Of the three kinds of stories that organizations tell – Origin, Impact and Vision – a well-crafted origin story is the most often retold. Why? It usually has suspense and intrigue, and it follows the journey of one person (or two) solving a big problem. But when considering your own origin story, it’s easy to get overwhelmed by all the possibilities. So focus on finding a moment where something really changed.
Like when the Jobs and Wozniak created a Blue Box to make free phone calls around the world – and sensed their power to change that world. Or the one in which Bill Hewlett and Dave Packard made an “audio oscillator” which, among other things, helped bring Disney’s Fantasia to life. Or think of John Muir looking down across Yosemite with Teddy Roosevelt…and how that moment helped protect the valley.
When it comes to your story, make sure the three P’s (place, people and problem) are each clear. This will help you setting the scene as you build to a “pivot,” a key moment when something changed. This moment is the twist that makes your story move.
We worked on a story for Enterprise Community Partners, an organization that has transformed (and greened) affordable housing. The story references a meeting with Jim Rouse, the founder, who was a very successful developer who had built shopping malls, neighborhoods, and even a whole city, but he had never figured out how to really help those that most needed it.
Then one day in the spring of 1973, three women from his church approached him with an idea. Where they lived, in the Adams Morgan neighborhood of Washington, D.C., were two of the worst tenements they had ever seen, named, ironically, The Mozart and The Ritz. Seeing the lack of decent housing for people with very limited means, they asked a simple question: Why not buy the buildings and fix them up, so people can live in decent housing with dignity?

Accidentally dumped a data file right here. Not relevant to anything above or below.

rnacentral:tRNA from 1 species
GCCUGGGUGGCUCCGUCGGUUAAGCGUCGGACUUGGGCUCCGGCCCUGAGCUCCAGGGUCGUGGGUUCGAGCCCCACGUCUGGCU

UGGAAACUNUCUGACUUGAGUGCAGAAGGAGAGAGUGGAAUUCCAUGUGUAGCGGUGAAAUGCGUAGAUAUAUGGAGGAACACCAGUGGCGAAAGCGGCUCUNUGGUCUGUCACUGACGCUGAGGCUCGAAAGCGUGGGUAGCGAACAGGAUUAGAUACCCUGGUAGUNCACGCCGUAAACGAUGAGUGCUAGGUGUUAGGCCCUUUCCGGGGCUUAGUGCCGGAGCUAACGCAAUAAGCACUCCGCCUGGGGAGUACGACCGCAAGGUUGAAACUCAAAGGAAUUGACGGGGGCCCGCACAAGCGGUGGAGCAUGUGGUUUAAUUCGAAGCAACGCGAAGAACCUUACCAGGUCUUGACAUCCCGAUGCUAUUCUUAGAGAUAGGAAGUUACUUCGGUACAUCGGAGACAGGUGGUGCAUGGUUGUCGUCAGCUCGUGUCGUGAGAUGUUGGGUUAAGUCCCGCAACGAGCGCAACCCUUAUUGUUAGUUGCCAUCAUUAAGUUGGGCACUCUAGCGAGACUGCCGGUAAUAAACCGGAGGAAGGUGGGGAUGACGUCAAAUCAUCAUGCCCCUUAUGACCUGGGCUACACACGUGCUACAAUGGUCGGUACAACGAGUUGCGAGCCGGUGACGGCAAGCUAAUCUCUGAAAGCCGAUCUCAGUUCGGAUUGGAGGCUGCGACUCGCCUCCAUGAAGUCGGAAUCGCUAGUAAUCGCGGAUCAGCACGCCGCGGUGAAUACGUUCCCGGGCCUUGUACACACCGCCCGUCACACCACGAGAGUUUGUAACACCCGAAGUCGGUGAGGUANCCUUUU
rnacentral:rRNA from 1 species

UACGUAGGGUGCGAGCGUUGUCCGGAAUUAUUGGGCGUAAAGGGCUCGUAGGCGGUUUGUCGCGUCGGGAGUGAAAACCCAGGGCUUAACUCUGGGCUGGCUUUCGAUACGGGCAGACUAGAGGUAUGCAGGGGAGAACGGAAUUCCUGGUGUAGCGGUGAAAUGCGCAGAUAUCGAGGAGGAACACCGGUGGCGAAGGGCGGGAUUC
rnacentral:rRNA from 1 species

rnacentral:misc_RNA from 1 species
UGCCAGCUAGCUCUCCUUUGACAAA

It’s a simple (if slightly crazy) idea, and it needed partnership – financial, technical, and local – but they did it. And today they invest nearly $1 billion a year with partners just like these three committed women.
Here’s another one, the Numi Tea origin story, that I told at one of the first Journeys events (they were the sponsor).
So, some tips on revealing your organization’s origin story:
1. Set the scene.
What was the world like? You might like to start with “About 10 years ago,” or “Back in 1957,” that will help us know we’re going on a journey. Provide some sensory details, so we can really travel there in the story.
2. Choose one or two people.
A person is much easier to follow and understand than an organization.
3. Tell us about their world.
What were they facing, and what did they care about? What were they good at? This is helping you build to your key moment.
4. Zoom in to an a-ha moment.
This may be a mind-blowing a-ha, or much softer… like a realization that turned the tide. You can open this with “and then one day.” As in, “And then one day, we were walking along the cliffs of the Grand Canyon, and we got into a conversation…” Provide some sensory details about that moment. From there, you’re building the twist in your story, the pivot that changed everything.
5. Show what happened as a result…
“Because of that…” is a good way of triggering the change. As in, “Because of that, we were up for six nights straight to prepare of the upcoming show.” Include any way of describing how the world is really different today. That could be “Ever since then, the world of tea has been different.”
An origin story isn’t just about an organization, or about a famous person. It’s about about people like you and me, facing great challenges, and bringing all of their will and ingenuity to make a change. And the story may span decades…but the retelling is all about finding those key moments.
Keep us posted as you’re telling yours!